We lost yet another great this year: Leonard Cohen, the Canadian singer, songwriter, and poet who passed away at 82. Cohen was perhaps best known for his much storied and much covered song, “Hallelujah.” In honor of the legendary artist, let’s pay tribute to the etymology of one of his most defining words.

Hallelujah

Hallelujah is an interjection used as an expression of worship: “Praise the Lord!” The Oxford English Dictionary first records it in the 1535 Coverdale Bible, the first complete Modern English translation of the Bible. The term mainly appears in the Psalms, which originally were religious songs. The English Hallelujah renders its Hebrew root, hallĕlū-yāh, among other transliterations: “praise God.” The Greek, and later Latin, rendition of the Hebrew also gave English alleluia, which is attested far earlier, in Old English.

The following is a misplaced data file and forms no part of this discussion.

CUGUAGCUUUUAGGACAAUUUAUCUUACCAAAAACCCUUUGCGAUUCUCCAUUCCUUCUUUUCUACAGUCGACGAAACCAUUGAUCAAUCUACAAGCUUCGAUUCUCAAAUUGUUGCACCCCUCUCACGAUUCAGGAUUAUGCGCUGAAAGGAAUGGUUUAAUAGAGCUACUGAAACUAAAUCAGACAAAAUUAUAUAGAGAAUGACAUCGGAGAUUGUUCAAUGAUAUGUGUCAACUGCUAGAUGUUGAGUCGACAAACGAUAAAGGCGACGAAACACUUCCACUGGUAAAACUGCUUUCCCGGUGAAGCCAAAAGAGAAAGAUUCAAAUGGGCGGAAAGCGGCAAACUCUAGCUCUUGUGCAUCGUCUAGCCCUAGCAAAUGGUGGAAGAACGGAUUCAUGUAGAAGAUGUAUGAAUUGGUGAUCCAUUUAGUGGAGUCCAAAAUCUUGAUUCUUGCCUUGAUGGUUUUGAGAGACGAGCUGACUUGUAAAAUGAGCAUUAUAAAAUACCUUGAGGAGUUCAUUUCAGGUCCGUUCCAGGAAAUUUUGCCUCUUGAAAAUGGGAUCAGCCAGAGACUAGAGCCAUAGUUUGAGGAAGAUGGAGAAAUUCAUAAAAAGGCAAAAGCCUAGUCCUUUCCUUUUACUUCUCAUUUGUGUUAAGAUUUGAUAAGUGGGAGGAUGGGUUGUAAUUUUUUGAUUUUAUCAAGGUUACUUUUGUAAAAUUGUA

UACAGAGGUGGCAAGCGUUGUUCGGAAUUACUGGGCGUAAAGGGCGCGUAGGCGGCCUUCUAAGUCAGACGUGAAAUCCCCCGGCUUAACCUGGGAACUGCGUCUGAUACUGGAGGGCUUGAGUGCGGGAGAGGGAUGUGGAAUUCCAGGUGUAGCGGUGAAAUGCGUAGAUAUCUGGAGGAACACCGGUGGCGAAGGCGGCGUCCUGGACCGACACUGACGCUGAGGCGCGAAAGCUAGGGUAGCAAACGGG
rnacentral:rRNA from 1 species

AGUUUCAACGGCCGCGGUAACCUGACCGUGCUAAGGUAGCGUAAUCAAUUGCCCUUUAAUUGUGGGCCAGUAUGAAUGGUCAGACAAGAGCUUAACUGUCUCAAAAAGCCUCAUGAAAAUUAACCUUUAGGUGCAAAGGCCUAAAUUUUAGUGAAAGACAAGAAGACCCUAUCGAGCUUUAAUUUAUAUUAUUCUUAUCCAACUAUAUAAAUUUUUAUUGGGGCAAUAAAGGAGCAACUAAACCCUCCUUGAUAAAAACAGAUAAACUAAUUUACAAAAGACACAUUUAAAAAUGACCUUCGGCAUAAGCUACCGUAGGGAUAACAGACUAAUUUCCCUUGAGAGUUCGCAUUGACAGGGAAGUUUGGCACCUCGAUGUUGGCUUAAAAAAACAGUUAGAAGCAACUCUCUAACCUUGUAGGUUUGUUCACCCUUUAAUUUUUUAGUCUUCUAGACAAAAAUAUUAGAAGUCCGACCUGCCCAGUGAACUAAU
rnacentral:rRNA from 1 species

The Hebrew hallĕlū-yāh comprises two elements. The first, hallĕlū, is the plural imperative of hallēl, “to praise, extol, celebrate.” A plural imperative directs more than two people to perform an action, which is why many older Bibles translate hallelujah as “Praise ye the Lord!” (Today, we just use the pronoun you for both one you and more than one you, but English used to have ye to refer to two or more people.) According to the Online Etymology Dictionary, the Hebrew hallēl is imitative, a word for “praise” derived from the sound of an exalting trill.

The second element yāh is a shortened form of Yahweh. The history of Yahweh is a complex one, involving both deep religious beliefs and deep structures of Semitic languages. To put it simplistically, for many Jews, both now and in the past, the name of God was believed too holy to utter. So, sacred texts would render the name as YHWH, known as the Tetragrammaton (Greek for “four letters”), which scholars later vocalized as Yahweh or Jehovah. Some think YHWH itself may come from a root verb hāwāh, “to be,” making Yahweh literally mean “he that is” or “the self-existing.”